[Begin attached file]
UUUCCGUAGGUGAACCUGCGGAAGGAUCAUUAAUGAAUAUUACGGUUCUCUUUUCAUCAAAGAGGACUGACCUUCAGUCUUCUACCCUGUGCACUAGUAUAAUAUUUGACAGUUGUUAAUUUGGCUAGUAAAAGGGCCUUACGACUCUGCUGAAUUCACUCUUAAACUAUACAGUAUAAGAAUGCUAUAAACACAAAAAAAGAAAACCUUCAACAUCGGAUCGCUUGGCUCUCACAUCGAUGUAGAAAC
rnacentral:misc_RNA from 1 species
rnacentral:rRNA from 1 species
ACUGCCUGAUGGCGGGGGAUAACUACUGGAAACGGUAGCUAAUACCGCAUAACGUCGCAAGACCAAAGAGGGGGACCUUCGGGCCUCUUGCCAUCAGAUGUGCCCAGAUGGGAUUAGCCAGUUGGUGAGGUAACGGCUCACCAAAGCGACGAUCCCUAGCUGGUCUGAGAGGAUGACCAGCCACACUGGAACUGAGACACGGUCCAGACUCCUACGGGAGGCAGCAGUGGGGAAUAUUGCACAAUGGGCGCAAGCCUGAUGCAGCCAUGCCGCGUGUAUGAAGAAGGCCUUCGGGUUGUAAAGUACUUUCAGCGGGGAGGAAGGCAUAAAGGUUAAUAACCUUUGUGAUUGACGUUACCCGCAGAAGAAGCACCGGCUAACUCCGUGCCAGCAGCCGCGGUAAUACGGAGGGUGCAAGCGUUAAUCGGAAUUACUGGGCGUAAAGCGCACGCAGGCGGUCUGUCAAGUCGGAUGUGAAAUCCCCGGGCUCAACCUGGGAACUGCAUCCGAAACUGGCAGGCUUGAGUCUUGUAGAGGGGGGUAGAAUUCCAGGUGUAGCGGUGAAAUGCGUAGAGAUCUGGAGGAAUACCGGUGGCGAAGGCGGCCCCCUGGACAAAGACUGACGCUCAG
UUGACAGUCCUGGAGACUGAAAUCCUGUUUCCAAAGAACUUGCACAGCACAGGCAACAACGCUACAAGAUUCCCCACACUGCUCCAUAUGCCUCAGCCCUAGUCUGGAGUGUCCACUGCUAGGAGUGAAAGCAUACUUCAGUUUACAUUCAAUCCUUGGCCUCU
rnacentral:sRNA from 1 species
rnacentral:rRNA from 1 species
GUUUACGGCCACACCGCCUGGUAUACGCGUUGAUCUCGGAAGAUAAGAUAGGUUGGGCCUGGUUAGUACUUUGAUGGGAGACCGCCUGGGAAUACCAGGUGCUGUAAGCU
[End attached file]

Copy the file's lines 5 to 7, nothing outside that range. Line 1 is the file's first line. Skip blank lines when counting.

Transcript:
UUGACAGUCCUGGAGACUGAAAUCCUGUUUCCAAAGAACUUGCACAGCACAGGCAACAACGCUACAAGAUUCCCCACACUGCUCCAUAUGCCUCAGCCCUAGUCUGGAGUGUCCACUGCUAGGAGUGAAAGCAUACUUCAGUUUACAUUCAAUCCUUGGCCUCU
rnacentral:sRNA from 1 species
rnacentral:rRNA from 1 species